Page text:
By JOE ZELNIK
This continues a series of occasional columns called, Herald Readers Want to Know. A new feature has been added: Good Question.
Q: I note the state and federal governments have decided this county is not a likely terrorist target, and cut homeland security funds accordingly. Will it be necessary for Emergency Management to return the million dollars already awarded?
A: The money has already been spent and none of the items are returnable except for two cases of Ragu spaghetti sauce ordered in case personnel had to spend a long period of time in headquarters.
Q: I read that all but $7000 of a $127,778 federal homeland security grant will go for pay and benefits for two full-time and two part-time staffers. Were these people on staff before there were homeland security grants and how were they paid?
A: They were there before, but if you are suggesting this money didn't really increase security in the county, you are unduly cynical and probably don't think there were weapons of mass destruction in Iraq.
Q: Are you going to let that carpetbagger letter writer from New York get away with calling you a putz?
A: My lawyers are talking to this schmuck's lawyers, but the problem seems to be that I am frequently a putz.
Q. Why is the "county" dog park in Ocean City and what did it cost?
A: It's in Ocean City to make up for the fact that Ocean City taxpayers help pay for a county animal shelter even though they have their own. It cost $243,991. A Herald investigative team staked out the park for a week and found it was used by seven dogs: Buster, Ruby, Mack, Muffy, Molly, Topper and Fang. That's $34,855.86 per dog.
Q.: What has happened to the 78-year-old gentleman from Harrisburg who was arrested in Stone Harbor after allegedly using a 17-inch baton to intimidate a contractor into completing his work?
A: Quite a bit, actually. Assemblyman Jeff Van Drew has introduced legislation to amend the Criminal Code making any baton under 18 inches a misdemeanor. The county AARP will present the Pennsylvanian with its "Citizen of the Year" award. And the Stone Harbor Senior Citizens are conducting a fund drive to purchase a clock honoring the Harrisburger that would appear across 96th street from the ROA clock. Borough Council dares not turn down the offer, but tearing up the sidewalk and running electricity to the clock will cost about $200,000.
Q: Speaking of Stone Harbor police, how come the paper never reports any arrests in neighboring Avalon?
A: Funny you should ask. Avalon police sent to county offices for special training went to the wrong location and sat in on a tourism program that stressed being kind to tourists with the theme, "We're Glad You're Here." As a result, the police put away their arrest pads and have been giving flowers to people parked illegally, chocolates to motorists violating traffic laws, and counseling to drunks thrown out of bars. Tourism is up.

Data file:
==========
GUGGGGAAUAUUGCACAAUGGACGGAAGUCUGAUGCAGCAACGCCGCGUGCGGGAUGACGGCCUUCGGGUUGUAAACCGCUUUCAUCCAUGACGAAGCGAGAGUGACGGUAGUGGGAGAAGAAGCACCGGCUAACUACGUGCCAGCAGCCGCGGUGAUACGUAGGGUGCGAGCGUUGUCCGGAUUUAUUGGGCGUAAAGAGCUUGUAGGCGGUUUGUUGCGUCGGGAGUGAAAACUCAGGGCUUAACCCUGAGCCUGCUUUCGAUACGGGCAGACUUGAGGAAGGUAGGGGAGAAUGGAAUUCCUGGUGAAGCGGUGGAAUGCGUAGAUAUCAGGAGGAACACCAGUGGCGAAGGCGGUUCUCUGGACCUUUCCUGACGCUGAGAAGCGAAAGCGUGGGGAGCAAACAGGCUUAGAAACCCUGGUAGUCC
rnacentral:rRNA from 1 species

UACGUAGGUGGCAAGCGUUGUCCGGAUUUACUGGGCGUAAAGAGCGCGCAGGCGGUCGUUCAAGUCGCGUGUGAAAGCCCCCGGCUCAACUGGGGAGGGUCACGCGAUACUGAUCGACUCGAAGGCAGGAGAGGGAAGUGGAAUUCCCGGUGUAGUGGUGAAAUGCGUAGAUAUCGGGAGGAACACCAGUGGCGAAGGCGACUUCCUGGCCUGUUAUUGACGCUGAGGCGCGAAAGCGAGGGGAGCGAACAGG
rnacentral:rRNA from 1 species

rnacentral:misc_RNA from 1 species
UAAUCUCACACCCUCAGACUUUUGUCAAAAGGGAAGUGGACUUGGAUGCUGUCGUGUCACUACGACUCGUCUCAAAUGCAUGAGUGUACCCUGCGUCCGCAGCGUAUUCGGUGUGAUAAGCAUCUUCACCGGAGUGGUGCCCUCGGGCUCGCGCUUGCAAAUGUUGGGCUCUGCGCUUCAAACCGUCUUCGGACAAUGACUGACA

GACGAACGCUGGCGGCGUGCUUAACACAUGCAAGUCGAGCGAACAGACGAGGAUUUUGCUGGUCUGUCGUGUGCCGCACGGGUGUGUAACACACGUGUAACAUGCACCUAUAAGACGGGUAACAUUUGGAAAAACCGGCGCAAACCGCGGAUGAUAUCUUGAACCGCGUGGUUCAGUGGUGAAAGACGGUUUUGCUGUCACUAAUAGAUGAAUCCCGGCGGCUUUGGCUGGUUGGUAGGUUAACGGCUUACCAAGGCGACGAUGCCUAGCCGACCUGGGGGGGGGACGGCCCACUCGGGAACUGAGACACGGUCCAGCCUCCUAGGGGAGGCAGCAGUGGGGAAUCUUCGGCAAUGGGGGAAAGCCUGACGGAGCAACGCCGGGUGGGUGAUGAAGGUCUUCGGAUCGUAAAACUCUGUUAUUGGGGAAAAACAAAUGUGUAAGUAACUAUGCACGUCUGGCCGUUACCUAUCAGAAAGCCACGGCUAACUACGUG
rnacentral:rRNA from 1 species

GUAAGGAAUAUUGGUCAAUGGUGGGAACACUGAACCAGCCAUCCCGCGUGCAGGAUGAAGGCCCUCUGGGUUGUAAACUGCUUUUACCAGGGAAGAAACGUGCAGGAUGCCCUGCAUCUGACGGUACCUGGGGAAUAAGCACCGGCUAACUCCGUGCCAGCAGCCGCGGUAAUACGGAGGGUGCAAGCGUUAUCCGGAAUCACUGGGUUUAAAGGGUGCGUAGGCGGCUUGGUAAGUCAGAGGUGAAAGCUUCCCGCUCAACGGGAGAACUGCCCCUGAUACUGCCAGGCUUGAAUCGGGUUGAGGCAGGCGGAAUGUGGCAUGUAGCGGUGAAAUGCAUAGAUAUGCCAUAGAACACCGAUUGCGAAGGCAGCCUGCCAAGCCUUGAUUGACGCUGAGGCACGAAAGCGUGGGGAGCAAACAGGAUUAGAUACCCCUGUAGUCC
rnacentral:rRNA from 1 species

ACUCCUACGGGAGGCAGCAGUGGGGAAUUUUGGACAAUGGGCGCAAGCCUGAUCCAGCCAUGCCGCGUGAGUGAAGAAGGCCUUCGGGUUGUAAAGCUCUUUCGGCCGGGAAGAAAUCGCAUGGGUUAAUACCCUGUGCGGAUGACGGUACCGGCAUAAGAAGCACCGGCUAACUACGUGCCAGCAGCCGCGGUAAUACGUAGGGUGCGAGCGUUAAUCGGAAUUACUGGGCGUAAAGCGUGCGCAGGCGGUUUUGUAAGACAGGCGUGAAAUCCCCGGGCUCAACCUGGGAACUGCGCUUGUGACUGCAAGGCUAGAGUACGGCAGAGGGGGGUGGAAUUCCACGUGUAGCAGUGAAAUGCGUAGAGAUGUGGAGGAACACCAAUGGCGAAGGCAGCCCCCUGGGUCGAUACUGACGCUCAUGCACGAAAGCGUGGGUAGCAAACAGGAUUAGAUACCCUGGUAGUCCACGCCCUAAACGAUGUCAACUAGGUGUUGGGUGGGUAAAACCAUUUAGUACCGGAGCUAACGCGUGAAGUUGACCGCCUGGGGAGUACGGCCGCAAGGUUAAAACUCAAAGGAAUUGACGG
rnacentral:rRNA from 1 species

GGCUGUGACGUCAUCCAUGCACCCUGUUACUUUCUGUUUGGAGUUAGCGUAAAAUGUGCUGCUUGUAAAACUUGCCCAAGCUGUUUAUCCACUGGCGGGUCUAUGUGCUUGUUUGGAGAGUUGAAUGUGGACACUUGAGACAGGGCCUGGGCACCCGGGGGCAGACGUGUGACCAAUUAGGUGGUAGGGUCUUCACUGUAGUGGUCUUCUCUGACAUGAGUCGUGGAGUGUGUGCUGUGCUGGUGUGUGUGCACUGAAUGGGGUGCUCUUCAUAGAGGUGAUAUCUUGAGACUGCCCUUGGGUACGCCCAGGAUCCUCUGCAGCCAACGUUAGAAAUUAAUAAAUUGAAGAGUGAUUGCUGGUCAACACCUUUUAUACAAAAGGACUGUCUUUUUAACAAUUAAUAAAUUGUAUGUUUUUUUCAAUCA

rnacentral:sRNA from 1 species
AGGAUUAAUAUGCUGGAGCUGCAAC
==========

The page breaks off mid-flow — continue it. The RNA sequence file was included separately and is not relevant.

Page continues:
Q: Atlantic City Electric sent me a brochure called "85 Ways to Save Money and Energy." One of the ways was to "cook in the early morning and late evening hours." We are not up early in the morning and if we eat late we get acid reflux. What are we to do?
A: Apparently the manufacturer of Prilosec conspired with Atlantic City Electric to get that recommendation in a booklet originally called "84 Ways to Save Money and Energy." I would suggest eating whenever you feel like it, but not when the meter reader is around.
Q: The Herald is my only source for news, so I did not know Pluto had been downsized from a planet, which I was taught 70 years ago, to something else. When I went to Motor Vehicles to renew my license, I flunked because I said "nine" to the question, "How many planets are there?" What recourse do I have?
A: First, thank you for your loyalty to the Herald. Motor Vehicles made a mistake; they thought you were applying for a pilot's license. We have evidence the Pluto downgrade is the result of a conspiracy between astronomers and astronomy book publishers to force the sale of new textbooks. Hang on to yours. In 20 years, Pluto will be readmitted to the solar system.
Q: Home prices are so high on Seven Mile Beach, I've about decided to sell. Any advice?
A: I think you might do better to buy. There's a glut of properties for sale and home prices are falling faster than prices for Mercury Grand Marquises. A bayfront home in the 111th block of Stone Harbor has dropped from $3.2 million to $2.2 million. That's a 31 percent drop. A home in the beach block of 93rd Street has dropped $375,000 from its asking price of $1,575,000. That's 24 percent.
Q: Why didn't Lower Mayor Walter Craig do what Coors executive Pete Coors did when he was charged with DUI: apologize, plead guilty and avoid all the bad publicity for himself and others? Coors got a sentence of a three-month suspension of his driver's license and 24 hours community service.
A: That's a good question.